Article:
Minnesota Timberwolves v Phoenix Suns

Timberwolves’ offense rolls without Rubio in high-scoring victory over Suns

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The Timberwolves needed this. After losing Ricky Rubio to a season-ending injury just a few days ago, and after not being able to muster the energy to take care of business at home against the horrible Hornets the day the news was confirmed, Minnesota began a tough seven-game road trip on Monday with an offensive explosion in a 127-124 victory over the Suns.

“It’s really huge,” said T’Wolves head coach Rick Adelman. “Especially after losing two at home the way we did and losing Ricky, to come out and get this win, it’s a huge confidence boost.”

The game was a shootout between two teams not exactly known for offense this season, with both ranking in the middle of the pack from an efficiency standpoint. Kevin Love led all scorers, but did most of his damage in the second half where he scored 23 of his 30 points and knocked down five of eight from three-point distance.

While Love struggled early thanks to Phoenix throwing a hard double team at him whenever he touched the ball, Minnesota was brilliant in making the extra pass to find the open man. The one who benefited most was Nikola Pekovic, who finished with 24 points but got 15 of those in the first quarter while the Suns scrambled to recover defensively.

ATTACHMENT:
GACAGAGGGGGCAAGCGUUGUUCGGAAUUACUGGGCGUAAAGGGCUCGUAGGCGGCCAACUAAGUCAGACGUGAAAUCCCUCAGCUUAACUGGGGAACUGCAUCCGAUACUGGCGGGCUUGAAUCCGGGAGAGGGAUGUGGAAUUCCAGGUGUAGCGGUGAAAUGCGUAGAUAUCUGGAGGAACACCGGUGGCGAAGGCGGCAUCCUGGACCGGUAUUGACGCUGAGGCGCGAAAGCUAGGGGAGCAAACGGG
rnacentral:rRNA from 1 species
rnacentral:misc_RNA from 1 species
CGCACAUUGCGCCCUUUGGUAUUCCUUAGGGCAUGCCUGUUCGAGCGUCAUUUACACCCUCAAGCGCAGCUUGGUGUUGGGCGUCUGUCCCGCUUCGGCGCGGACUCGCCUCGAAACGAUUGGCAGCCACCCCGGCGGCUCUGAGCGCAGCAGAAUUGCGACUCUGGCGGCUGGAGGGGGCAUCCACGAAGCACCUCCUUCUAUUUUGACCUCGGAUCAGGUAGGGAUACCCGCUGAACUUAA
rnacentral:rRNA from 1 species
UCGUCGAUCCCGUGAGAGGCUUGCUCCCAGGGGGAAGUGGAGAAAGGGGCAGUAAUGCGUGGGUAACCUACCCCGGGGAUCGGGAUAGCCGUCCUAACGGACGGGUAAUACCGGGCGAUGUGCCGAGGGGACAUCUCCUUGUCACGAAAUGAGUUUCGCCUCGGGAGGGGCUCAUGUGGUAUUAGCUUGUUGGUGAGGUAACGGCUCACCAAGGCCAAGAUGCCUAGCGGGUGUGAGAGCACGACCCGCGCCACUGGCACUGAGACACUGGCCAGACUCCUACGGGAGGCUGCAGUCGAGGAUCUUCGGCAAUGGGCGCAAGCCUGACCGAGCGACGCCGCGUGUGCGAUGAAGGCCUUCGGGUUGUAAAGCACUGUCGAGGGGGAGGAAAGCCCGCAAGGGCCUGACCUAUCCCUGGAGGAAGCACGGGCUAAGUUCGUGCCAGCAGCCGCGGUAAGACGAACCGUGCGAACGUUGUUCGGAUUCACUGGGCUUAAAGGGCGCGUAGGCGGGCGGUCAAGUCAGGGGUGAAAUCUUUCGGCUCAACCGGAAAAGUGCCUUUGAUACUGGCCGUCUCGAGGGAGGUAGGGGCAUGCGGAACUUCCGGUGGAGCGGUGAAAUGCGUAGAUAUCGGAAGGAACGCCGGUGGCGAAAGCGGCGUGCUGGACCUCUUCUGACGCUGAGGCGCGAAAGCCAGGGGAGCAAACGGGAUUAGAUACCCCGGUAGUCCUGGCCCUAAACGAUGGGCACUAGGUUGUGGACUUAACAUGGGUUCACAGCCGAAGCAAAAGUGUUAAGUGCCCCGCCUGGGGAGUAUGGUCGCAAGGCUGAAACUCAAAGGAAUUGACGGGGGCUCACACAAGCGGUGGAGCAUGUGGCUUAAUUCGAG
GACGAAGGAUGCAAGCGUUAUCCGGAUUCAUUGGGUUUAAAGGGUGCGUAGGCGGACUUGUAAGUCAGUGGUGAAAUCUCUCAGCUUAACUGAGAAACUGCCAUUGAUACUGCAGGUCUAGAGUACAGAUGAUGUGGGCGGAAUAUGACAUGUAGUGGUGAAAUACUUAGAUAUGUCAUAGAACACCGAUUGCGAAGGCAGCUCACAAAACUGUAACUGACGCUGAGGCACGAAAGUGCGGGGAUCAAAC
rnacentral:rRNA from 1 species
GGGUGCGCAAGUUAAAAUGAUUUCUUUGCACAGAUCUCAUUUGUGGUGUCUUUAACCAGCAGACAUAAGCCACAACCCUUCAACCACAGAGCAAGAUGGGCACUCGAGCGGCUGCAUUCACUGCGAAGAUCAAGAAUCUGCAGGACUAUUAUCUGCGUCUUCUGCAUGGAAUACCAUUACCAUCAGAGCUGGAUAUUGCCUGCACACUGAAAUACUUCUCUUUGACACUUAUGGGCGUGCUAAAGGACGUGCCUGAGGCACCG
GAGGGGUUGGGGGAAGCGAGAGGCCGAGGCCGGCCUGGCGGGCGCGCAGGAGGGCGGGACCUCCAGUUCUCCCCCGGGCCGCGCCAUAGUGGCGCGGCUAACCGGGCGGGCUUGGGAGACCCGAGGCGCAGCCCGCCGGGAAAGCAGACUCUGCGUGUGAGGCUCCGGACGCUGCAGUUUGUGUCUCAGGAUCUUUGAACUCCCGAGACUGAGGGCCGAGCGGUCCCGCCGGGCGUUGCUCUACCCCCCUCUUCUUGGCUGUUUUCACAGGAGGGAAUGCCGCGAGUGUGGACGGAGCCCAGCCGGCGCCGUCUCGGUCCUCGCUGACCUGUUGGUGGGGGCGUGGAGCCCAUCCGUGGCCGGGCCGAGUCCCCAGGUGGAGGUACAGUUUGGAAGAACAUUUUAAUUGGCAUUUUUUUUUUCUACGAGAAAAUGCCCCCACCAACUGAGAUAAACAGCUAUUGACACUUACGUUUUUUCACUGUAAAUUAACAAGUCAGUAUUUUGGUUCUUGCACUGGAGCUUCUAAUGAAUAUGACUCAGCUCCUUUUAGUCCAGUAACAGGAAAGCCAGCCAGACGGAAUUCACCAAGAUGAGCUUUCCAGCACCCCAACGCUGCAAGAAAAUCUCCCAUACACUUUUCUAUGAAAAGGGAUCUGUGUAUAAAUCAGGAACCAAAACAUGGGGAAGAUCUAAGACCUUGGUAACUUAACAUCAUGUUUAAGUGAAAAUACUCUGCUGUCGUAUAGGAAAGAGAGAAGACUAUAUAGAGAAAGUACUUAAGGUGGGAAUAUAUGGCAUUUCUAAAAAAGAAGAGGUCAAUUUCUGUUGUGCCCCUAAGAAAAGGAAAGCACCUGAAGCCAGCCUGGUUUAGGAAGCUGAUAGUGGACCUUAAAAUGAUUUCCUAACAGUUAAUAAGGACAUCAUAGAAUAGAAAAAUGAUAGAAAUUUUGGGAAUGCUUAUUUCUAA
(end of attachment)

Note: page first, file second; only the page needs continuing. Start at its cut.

“We had 15 assists in the first half,” Adelman pointed out. “They came out to double team Kevin trying to change things up, but our guys moved the ball. If they play together and make the right play, we’ll be okay.”

Minnesota finished the night with 30 assists, a season high. The 127 points were also a season high, and it was unusual to see against a Suns team that has held its opponents to an average of 89.2 points per game over its last five at home. Jared Dudley, who led Phoenix in scoring with 28, tried to explain.

“I wouldn’t say it was a defensive battle out there today,” Dudley said. “Everyone played well: Pekovic was dominating the boards, Love was inside out, [Michael Beasley] got hot in the first half, and [Derrick Williams] in the second. We did a bad job of rebounding; in the pick and roll coverage, we weren’t crisp at all. And because of that, they made us pay. And even with that, the crazy thing about how poorly we played defensively, we played one of our best offensive games this year, and had chances.”

The game featured eight ties and 15 lead changes, and late in the fourth quarter, neither team seemed to be able to miss. Love had 13 in the final period (including three from three-point range), and Sebastian Telfair had 10 points in under eight minutes, six of which came in a five-second span where he converted a four-point play, then stole the ensuing inbounds pass and went in for a layup.

The Suns’ chances were the kind they’d take most nights. Trailing by one with under two minutes to play, Steve Nash — who finished with 25 points and 10 assists, and had made 10-of-14 from the field to that point — missed a 16-foot runner, and then an 18-foot jumper, both of which were open looks and shots he usually can get to go down.

After Love made two free throws, the Suns ran a play to get Dudley an open look from three that was on target, but that just didn’t fall.